I am finding that using a blog as a way to create assignments for you, my students, is a bit challenging. The nature of most blog posts is to write reflectively, as if in one's own personal diary. Creating assignments is something else. :-) In one case, the issue is when an idea seems "ready" to be expressed. The other case is a matter of the calendar and the clock. I am a little behind in posting assignments right now, which suggests that this is still a blog, which is good.
I read a lot and our course is the theme of most of what I am currently reading. I have recently discovered Joseph S. Bujak as an author. He is a physician who has become an administrator. I am learning from the insights he has derived from his experiences. I often don't like what he has concluded, but the world is not necessarily what I would like it to be and I find his perspectives thought provoking. I am, perhaps, too much a idealist. As a physician who has become an administrator he, perhaps, has a "license" to say or suggest some things that those who are not physicians cannot say or suggest.
The gulf between hospital administrators and many physicians is frequently reported. Policy experts seem to be of the opinion that the only way Accountable Care Organizations may work is if they are led by administrators who are also physicians. I am sure that there are instances in which administrators and physicians have good and constructive relationships. But I question that administrators who are first physicians necessarily have a greater ability to work with other physicians. I read somewhere that the gulf is about the battle of the apostrophe. In other words, administrators by training and dispostion are primarily concerned about patients' interests; while physicians by training and disposition are concerned primarily about the interests of particular patients. In my idealism (a luxury of teachers) I want to believe that people can change and that it is possible for people of good will to learn from each other's perspectives. I want to believe that even as people age they can remain pliable. Yet in professional cultures (such as medicine and higher education) people cling tightly to the values acquired during training and years of practice. I believe that Bujak somewhere wrote, "Everyone is always 100% in agreement with his or her own perspective." That is especially true of professionals, including physicians and professional administrators. In the classroom I have the luxury of pretending to "see" everyone's perspective. In life, as a professional I see things from "where I sit" and who I am.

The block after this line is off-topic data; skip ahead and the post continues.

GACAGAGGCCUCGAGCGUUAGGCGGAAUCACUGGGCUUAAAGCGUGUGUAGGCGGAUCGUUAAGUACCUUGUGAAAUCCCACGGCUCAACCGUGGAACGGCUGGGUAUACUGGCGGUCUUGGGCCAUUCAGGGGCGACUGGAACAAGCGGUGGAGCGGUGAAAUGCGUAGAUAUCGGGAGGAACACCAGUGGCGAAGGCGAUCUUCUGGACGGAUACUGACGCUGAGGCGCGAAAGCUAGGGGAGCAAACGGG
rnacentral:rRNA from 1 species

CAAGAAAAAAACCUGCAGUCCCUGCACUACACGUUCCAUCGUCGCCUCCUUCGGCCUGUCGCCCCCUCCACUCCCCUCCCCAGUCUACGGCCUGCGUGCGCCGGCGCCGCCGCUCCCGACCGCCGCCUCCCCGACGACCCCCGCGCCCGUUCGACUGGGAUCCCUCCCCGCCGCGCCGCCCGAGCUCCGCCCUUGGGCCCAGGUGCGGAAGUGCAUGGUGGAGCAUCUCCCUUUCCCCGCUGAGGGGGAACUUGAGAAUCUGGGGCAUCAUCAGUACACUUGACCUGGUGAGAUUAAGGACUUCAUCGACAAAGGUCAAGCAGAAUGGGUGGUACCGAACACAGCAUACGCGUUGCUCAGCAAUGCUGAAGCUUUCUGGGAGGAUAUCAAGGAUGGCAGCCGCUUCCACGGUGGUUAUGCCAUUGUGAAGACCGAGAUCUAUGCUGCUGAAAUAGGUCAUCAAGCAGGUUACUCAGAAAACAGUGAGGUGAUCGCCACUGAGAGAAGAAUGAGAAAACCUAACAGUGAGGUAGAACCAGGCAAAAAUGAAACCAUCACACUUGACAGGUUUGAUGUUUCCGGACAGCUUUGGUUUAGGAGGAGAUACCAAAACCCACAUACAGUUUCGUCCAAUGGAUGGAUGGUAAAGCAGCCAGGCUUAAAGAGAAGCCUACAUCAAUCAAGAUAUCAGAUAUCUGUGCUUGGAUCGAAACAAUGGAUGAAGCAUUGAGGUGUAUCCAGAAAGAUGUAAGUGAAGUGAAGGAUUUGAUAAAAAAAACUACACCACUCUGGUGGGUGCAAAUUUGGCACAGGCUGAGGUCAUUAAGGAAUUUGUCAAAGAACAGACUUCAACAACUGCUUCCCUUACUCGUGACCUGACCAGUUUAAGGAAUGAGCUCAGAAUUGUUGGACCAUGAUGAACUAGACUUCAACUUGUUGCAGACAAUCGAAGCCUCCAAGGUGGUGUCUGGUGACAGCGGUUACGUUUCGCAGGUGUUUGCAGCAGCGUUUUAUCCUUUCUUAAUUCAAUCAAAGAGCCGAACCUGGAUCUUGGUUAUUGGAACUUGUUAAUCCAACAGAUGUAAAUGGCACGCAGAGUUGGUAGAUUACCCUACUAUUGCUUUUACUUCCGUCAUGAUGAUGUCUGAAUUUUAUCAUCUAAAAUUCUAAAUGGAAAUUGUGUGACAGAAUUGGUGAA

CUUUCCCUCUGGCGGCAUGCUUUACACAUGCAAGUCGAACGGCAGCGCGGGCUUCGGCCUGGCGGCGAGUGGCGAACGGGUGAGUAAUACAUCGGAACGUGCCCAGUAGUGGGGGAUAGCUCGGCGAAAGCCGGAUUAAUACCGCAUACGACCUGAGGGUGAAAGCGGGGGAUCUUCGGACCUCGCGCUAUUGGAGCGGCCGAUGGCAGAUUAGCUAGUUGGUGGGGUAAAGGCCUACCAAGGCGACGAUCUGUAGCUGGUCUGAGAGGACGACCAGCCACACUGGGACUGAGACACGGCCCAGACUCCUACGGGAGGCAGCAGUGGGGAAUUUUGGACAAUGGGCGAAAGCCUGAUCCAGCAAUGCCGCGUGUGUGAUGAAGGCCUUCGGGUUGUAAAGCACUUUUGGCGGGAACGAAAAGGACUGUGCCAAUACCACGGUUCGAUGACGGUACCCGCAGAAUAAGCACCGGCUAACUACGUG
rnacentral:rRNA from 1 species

In the book Leading Transformational Change: The physician-executive partnership Bujak and Atchison include the following parable.
A scorpion wants to cross a pond and asks a frog for its help. The scorpion asks to ride across the pond on the back of the frog. The frog initially does not trust the scorpion not to bite him. But the scorpion explains that it would not be in his own interest to sting the frog because doing so would kill the scorpion. The frog agrees. Half way across the pone the scorpion stings the frog. Before dying the frog asks, "Why did you sting me? Now we will both die." The scorpion replies, "I am a scorpion. I have to sting you -- it's my nature!"
Ouch! The authors go on the write that effective leaders accept that they cannot change people; that effective leaders find ways to build upon what people already are and by helping others become more of what they already are. That parable haunts me because it challenges what I want to be true. And yet I expect that there is some truth or wisdom in it; otherwise it would not remain in my mind.
Okay, my students. What do you make of this? If it is true that one cannot easily modify professional cultures, then what are the implications for leadership in perilous times? Can we only trust others to be their essential selves? Are notions of personal and organizational learning just empty exercises in academic idealism? Please take whatever you can of this, reflect upon it, and share your journey as a comment to this blog post.